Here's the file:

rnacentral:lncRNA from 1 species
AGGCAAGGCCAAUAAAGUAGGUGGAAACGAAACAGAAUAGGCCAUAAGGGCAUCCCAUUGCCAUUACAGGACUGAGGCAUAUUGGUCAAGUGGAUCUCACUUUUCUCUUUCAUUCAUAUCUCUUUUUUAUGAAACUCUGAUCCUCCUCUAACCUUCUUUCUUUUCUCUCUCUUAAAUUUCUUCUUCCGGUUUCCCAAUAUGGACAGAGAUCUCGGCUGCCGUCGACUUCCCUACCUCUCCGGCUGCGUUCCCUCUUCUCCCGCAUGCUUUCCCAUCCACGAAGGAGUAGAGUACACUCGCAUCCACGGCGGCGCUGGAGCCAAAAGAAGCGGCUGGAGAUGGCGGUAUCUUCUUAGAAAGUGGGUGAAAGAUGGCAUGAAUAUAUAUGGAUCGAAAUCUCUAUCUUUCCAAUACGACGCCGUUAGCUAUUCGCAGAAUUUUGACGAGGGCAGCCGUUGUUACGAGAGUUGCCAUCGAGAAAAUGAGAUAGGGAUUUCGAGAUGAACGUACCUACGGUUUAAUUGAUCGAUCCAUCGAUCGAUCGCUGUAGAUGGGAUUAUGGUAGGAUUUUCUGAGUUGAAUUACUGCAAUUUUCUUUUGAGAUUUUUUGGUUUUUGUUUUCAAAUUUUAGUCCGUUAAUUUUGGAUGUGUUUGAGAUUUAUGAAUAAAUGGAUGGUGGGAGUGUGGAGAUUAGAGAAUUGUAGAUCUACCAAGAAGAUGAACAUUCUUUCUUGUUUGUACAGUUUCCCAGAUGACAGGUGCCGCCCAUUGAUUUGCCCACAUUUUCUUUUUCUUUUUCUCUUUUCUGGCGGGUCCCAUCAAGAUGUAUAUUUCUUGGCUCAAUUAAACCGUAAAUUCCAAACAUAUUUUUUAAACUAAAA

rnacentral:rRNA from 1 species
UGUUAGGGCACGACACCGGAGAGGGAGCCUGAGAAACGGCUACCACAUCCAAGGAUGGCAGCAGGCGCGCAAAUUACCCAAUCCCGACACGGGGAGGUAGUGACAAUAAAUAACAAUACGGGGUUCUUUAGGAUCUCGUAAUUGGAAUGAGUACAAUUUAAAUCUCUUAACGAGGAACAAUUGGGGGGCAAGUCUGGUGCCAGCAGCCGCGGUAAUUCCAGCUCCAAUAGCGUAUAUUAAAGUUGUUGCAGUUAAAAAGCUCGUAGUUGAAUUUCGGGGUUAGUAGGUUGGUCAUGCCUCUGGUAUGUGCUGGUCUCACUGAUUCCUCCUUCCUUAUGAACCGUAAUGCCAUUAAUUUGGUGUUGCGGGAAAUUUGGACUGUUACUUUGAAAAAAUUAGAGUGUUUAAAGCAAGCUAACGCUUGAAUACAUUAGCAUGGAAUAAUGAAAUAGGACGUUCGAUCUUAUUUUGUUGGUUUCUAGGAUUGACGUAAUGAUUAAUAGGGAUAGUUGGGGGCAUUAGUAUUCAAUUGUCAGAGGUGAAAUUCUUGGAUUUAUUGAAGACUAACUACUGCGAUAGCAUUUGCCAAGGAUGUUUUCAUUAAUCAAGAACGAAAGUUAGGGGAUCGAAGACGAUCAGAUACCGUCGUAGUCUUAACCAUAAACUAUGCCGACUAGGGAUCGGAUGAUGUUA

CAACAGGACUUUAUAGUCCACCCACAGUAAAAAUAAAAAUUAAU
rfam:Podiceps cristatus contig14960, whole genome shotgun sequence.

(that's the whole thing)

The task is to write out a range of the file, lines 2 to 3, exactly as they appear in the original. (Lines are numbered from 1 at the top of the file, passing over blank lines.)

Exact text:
AGGCAAGGCCAAUAAAGUAGGUGGAAACGAAACAGAAUAGGCCAUAAGGGCAUCCCAUUGCCAUUACAGGACUGAGGCAUAUUGGUCAAGUGGAUCUCACUUUUCUCUUUCAUUCAUAUCUCUUUUUUAUGAAACUCUGAUCCUCCUCUAACCUUCUUUCUUUUCUCUCUCUUAAAUUUCUUCUUCCGGUUUCCCAAUAUGGACAGAGAUCUCGGCUGCCGUCGACUUCCCUACCUCUCCGGCUGCGUUCCCUCUUCUCCCGCAUGCUUUCCCAUCCACGAAGGAGUAGAGUACACUCGCAUCCACGGCGGCGCUGGAGCCAAAAGAAGCGGCUGGAGAUGGCGGUAUCUUCUUAGAAAGUGGGUGAAAGAUGGCAUGAAUAUAUAUGGAUCGAAAUCUCUAUCUUUCCAAUACGACGCCGUUAGCUAUUCGCAGAAUUUUGACGAGGGCAGCCGUUGUUACGAGAGUUGCCAUCGAGAAAAUGAGAUAGGGAUUUCGAGAUGAACGUACCUACGGUUUAAUUGAUCGAUCCAUCGAUCGAUCGCUGUAGAUGGGAUUAUGGUAGGAUUUUCUGAGUUGAAUUACUGCAAUUUUCUUUUGAGAUUUUUUGGUUUUUGUUUUCAAAUUUUAGUCCGUUAAUUUUGGAUGUGUUUGAGAUUUAUGAAUAAAUGGAUGGUGGGAGUGUGGAGAUUAGAGAAUUGUAGAUCUACCAAGAAGAUGAACAUUCUUUCUUGUUUGUACAGUUUCCCAGAUGACAGGUGCCGCCCAUUGAUUUGCCCACAUUUUCUUUUUCUUUUUCUCUUUUCUGGCGGGUCCCAUCAAGAUGUAUAUUUCUUGGCUCAAUUAAACCGUAAAUUCCAAACAUAUUUUUUAAACUAAAA

rnacentral:rRNA from 1 species